With dust settling from the decision to postpone the Olympics until next year, organizers now face an unprecedented challenge.
On three occasions in the past — all because of world wars — the Games have been canceled, but never before have they been shifted in this manner.
“If I had an hour to spare with you and you had the space to fill, I don’t think I could even begin to get across the enormity of this project,” World Athletics president Sebastian Coe, who headed the 2012 Olympics, told CNN’s Becky Anderson earlier this week.
“There is no project management that is more challenging in the life of any city, or any country, under normal circumstances than the delivery of the Games.”
On Thursday, a task force named “New Start Tokyo 2020” was set up as the rescheduling of the Olympics got underway in earnest. So what are organizers, athletes and stakeholders up against?
Financing the move
There’s no doubt that canceling the Games amid the coronavirus outbreak — which the International Olympic Committee (IOC) insisted was never on the cards — would have resulted in catastrophic financial losses.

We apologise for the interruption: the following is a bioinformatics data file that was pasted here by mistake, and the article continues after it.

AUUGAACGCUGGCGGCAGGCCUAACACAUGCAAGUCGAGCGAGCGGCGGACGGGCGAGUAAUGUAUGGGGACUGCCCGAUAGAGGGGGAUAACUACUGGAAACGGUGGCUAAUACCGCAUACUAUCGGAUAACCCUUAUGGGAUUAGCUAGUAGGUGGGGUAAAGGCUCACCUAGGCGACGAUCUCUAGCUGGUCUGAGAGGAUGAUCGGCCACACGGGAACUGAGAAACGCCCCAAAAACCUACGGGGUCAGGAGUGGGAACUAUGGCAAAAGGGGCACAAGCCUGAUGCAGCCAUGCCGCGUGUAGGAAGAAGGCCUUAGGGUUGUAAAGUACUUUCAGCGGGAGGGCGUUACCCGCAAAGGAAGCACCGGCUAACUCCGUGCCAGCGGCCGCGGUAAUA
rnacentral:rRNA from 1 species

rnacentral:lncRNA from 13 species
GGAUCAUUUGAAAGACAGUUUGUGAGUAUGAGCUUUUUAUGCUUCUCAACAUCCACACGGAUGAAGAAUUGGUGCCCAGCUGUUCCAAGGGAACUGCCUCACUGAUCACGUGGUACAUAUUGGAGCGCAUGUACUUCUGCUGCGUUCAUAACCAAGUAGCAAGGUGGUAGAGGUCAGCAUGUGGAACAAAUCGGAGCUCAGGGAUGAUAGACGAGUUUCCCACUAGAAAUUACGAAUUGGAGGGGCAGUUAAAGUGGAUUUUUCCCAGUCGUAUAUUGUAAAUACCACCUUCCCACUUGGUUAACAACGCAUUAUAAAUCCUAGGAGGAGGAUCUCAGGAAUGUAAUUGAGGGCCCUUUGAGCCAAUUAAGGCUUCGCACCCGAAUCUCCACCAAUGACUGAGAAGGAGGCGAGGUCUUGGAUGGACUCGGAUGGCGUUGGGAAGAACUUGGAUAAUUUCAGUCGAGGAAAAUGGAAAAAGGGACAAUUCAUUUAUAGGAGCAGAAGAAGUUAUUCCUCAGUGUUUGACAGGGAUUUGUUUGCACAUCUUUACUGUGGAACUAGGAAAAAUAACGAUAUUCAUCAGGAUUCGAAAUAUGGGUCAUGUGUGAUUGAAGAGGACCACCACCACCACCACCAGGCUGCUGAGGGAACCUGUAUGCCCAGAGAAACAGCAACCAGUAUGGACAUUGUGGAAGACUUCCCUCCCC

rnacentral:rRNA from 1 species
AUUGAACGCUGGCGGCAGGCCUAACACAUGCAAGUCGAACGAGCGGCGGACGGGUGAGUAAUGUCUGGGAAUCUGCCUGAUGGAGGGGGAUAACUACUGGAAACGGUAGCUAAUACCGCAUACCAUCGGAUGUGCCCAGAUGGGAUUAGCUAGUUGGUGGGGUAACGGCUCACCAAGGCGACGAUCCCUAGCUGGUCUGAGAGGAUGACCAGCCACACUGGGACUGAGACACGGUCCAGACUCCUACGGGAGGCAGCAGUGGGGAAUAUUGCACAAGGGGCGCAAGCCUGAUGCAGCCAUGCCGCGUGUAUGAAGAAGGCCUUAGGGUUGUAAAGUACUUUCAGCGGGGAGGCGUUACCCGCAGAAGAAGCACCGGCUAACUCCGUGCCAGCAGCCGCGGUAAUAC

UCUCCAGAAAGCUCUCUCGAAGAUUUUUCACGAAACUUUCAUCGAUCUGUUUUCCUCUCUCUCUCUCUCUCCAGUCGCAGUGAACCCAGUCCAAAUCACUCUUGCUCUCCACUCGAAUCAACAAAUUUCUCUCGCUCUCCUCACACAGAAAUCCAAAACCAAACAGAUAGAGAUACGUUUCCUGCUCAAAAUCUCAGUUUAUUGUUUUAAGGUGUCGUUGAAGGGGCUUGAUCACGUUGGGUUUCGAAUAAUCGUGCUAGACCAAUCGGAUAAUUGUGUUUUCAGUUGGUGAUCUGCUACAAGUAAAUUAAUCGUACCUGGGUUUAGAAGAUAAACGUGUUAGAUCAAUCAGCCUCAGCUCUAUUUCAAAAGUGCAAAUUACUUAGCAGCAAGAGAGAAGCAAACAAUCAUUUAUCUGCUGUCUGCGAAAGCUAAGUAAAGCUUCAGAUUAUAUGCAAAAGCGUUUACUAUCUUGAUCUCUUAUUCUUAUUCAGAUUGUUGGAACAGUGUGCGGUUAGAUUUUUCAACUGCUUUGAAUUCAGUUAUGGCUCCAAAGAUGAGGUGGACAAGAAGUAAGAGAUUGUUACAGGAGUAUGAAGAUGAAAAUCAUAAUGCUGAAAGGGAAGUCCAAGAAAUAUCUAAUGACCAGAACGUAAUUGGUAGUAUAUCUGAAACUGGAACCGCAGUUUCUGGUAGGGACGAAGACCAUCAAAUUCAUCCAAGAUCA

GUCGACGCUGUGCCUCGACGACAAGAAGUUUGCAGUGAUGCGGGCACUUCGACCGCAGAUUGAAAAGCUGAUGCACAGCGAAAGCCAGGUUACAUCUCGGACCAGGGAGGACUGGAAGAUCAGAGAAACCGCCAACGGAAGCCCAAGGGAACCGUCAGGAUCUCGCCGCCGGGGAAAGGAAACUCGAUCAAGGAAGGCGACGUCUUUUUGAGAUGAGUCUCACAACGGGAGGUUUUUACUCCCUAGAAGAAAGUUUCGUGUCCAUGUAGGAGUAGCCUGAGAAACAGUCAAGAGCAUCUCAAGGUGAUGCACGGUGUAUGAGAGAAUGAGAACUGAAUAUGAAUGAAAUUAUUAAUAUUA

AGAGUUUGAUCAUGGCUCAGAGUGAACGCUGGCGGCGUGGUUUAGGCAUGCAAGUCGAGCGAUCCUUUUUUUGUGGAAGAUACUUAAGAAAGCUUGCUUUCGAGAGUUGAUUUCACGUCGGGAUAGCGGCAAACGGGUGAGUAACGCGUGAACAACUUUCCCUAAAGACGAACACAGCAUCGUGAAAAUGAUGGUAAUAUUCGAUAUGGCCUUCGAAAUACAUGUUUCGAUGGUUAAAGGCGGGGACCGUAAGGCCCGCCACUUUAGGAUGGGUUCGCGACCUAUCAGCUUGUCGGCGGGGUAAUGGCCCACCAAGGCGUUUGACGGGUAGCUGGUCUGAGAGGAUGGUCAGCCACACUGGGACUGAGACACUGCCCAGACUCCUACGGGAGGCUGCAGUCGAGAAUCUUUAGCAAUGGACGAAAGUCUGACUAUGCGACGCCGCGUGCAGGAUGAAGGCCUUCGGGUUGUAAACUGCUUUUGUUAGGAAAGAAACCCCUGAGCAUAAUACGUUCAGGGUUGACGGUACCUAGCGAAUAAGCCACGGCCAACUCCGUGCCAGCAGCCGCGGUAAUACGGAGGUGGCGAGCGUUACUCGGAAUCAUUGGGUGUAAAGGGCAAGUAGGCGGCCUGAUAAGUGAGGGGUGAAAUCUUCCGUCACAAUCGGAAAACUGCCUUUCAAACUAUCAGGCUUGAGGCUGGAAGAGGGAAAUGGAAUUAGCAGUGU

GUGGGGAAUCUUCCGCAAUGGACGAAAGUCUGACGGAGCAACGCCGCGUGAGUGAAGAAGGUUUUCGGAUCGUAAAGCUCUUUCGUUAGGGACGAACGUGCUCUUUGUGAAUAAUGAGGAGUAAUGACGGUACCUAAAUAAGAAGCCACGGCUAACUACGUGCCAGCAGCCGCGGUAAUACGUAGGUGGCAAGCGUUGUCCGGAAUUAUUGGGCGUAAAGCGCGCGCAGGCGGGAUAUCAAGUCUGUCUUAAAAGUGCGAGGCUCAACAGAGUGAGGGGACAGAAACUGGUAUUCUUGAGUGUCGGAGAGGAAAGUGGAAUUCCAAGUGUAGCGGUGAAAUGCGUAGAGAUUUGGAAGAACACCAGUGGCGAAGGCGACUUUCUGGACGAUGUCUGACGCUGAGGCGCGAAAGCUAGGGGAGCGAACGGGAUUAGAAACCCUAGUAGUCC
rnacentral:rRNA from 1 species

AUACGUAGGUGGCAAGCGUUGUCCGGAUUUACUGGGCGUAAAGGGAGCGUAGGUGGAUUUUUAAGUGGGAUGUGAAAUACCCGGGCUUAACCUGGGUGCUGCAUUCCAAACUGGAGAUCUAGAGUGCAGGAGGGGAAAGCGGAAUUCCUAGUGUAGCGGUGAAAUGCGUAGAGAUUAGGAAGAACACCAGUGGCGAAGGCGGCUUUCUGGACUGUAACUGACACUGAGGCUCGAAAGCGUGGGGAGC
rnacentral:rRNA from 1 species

Postponing will also incur “huge additional cost,” according to Toshiro Muto, CEO of Tokyo 2020. This includes the hiring of venues, warehouses and staff a year from now and fulfilling the thousands of contracts that had been signed ahead of the event.
Organizers said in December that the cost of hosting the Olympics was some 1.35 trillion yen ($12.35 billion), while sponsors, insurers and broadcasters have also committed billions to the Games. The payoff for these investments will now be put on hold.
“We all recognize the delay in actual income that may come and the reimbursements that should be made for bookings and otherwise,” Kenneth L. Shropshire, director of the Wharton Sports Business Initiative at the University of Pennsylvania who sat on the organizing committee for the 1984 Olympics, tells CNN Sport.